Absolutely. But they serve as senior high teachers or directors of groups or leaders of worship or parking attendants not because they are on the board but because they are willing  to do that and want to be active servants and ministers in the church.Can 

… In what sense then do these overseers shepherd the people?
By instituting a system that works – normally through the groups of the church where care can happen. In any church over  150, if board members feel they must personally shepherd all the people,  they either spend all their time doing that or simply pray for their list as a group. That is not shepherding.

… Should members of the pastoral staff be a part of the board also?
This does not rule that out.  But in a practical way, it may caution against that.  The agenda of the pastoral staff and the agenda of the oversight board are two different agendas,  not redundant  as in some models.  The pastor and staff lead the ministries of Sunday and the week,  with the lead pastor as captain.  The lead pastor then joins the oversight board as an equal to make and guard the policies and goals and lead the finances and financial projects of the church.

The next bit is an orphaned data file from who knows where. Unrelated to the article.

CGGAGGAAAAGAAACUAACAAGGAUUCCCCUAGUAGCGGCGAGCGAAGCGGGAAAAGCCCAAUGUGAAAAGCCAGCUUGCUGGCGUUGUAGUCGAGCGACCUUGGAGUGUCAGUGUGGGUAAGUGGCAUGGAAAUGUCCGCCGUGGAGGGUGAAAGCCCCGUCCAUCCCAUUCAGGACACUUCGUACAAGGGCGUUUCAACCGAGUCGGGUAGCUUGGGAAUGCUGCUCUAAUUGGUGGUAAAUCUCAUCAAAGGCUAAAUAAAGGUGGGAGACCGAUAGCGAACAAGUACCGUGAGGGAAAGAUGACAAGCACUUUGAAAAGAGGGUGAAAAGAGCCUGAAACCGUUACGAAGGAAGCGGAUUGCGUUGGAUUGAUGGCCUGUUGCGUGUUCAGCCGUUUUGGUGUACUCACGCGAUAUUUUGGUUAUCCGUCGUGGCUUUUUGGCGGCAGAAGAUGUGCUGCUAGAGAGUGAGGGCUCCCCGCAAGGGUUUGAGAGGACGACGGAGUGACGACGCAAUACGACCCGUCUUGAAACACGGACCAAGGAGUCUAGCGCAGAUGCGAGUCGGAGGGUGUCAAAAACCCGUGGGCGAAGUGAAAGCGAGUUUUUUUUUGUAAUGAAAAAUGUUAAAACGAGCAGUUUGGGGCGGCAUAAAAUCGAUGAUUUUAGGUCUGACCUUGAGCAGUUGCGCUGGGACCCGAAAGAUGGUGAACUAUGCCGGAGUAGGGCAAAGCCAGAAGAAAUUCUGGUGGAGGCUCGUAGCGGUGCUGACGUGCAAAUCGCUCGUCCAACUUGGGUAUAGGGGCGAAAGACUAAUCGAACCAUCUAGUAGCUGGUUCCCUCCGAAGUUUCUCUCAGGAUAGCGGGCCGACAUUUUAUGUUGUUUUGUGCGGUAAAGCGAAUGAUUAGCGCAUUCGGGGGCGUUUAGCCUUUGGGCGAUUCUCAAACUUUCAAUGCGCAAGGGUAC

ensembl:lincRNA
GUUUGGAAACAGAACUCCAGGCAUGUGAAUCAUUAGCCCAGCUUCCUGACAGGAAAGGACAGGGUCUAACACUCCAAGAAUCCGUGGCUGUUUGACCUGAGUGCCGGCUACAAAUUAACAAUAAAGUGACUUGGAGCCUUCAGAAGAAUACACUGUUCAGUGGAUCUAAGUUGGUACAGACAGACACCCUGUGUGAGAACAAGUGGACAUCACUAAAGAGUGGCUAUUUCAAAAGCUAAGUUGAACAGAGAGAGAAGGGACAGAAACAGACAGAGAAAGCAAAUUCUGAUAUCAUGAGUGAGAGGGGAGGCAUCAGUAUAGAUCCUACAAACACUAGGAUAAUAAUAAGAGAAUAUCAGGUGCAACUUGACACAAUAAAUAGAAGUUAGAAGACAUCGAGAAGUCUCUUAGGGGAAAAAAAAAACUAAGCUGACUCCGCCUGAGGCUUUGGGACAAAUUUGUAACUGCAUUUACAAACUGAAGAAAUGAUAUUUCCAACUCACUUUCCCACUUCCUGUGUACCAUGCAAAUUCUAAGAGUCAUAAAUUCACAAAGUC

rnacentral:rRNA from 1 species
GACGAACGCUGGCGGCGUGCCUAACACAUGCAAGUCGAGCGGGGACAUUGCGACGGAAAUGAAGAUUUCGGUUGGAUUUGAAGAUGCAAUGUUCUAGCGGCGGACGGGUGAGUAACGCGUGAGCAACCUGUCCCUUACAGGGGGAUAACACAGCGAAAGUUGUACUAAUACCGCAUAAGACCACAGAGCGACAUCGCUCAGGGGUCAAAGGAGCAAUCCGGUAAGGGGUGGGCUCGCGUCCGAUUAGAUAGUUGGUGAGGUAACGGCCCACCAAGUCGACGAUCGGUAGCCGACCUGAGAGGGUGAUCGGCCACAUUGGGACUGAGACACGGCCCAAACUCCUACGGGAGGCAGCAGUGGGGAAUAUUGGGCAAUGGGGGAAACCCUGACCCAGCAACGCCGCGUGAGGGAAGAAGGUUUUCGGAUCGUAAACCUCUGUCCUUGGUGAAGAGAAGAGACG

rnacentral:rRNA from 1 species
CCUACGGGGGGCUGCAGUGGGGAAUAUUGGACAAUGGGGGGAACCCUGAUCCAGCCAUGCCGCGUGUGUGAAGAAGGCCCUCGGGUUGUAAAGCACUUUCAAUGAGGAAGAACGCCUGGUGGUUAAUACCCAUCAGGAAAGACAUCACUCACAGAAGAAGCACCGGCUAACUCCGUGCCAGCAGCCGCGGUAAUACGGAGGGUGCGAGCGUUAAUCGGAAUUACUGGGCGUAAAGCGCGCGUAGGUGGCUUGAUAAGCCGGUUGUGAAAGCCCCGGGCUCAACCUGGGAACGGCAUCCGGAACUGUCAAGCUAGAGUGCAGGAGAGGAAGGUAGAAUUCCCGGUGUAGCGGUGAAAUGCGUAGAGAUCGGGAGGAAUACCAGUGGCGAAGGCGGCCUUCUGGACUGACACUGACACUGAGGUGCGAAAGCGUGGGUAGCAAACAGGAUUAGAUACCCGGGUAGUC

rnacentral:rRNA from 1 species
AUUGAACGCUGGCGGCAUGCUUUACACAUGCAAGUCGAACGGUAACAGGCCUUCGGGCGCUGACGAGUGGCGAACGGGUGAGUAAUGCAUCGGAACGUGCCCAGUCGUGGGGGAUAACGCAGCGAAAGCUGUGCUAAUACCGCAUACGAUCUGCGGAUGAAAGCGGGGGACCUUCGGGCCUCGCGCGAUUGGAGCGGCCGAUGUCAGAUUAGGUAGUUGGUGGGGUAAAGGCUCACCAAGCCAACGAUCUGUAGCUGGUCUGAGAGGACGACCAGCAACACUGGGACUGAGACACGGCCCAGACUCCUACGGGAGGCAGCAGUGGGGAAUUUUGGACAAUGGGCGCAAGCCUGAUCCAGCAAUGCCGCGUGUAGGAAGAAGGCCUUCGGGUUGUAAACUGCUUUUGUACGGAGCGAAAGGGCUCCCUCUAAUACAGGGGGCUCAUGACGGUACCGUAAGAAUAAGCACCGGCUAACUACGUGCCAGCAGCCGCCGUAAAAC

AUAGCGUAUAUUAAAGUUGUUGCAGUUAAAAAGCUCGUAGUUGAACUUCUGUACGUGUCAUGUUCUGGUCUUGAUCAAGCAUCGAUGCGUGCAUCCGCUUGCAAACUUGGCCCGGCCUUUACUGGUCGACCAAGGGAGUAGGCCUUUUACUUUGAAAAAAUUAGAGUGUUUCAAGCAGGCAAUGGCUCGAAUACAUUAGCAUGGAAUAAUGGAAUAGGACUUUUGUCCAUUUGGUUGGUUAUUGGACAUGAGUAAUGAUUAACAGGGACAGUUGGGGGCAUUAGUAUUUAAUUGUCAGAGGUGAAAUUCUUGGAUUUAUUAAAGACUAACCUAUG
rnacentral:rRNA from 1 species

Can there be other boards of the church?
No.   This is a one-board-of-oversight system.   In many churches there should be a finance team or a building projects team or a missions team,  but they all report to the oversight board to avoid the confusion that results from multiple equal boards.

 How does this relate to the “congregational rule” preference that some churches have?
The congregation leads or rules by selecting their pastor and  the members of the oversight board. In most systems they also must approve any building projects and the annual budget. And there is no Biblical mandate for the congregation to decide everything,  as used to be true in some churches.

… Where do the deacons or deaconess fit in?
Obviously churches handle this in many different ways. The title simply mean serving, and probably many of us would like to recognize all who teach or serve or help in various ways would be under the general heading of servant or minister or deacon.   Rather than electing people to serve these ways, many churches appoint them to teach or take care of shut-ins  or count the offerings or visit in the hospital or lead the youth or serve in various ways. If the original deacons took care of widows or tables for eating, many ministries in the church would be parallel.